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Granger v. Nesbitt

United States District Court, D. Massachusetts
Oct 7, 2021
Civil Action 4:21-11066-TSH (D. Mass. Oct. 7, 2021)


Civil Action 4:21-11066-TSH





Bruce Granger commenced this action against Gary Nesbitt and Polaris Transport Carriers, Inc. (“Polaris”) in Massachusetts state court on December 28, 2020. (Docket No. 9-3 at 3). The defendants removed the case to federal court on June 28, 2021. (Docket No. 1). The defendants now move to dismiss, arguing that service was untimely and defective. (Docket No. 9). Although the Court agrees, the Court finds that the delay was due to good cause, and that, given another opportunity, it is reasonably likely that Granger will be able to serve the defendants properly. Instead of dismissing the action, the Court exercises its discretion to quash service and allow Granger ninety days to effectuate service. The Court denies the defendants' motion.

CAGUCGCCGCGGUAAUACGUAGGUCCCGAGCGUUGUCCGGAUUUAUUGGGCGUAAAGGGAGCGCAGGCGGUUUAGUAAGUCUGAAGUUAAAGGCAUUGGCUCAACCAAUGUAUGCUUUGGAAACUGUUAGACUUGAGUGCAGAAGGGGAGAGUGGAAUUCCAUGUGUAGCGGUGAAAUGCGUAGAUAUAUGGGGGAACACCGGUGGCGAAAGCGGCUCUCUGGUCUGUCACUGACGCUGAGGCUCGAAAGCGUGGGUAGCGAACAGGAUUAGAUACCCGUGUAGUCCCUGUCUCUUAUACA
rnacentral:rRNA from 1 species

Granger alleges that on January 17, 2018, he was driving eastbound on Route 90 in Massachusetts when Nesbitt, also driving eastbound on Route 90, failed to yield and crashed his vehicle into Granger's. (Complaint at ¶¶ 3, 6). Granger alleges that, at the time of the collision, Nesbitt was an agent or employee of Polaris acting within the scope of his employment. (Id. at ¶ 22). Granger sued the defendants in Massachusetts state court on December 28, 2020, alleging two counts of negligence against Nesbitt and one count of “negligence of employee” against Polaris. (Id. at ¶¶ 7, 14, 23).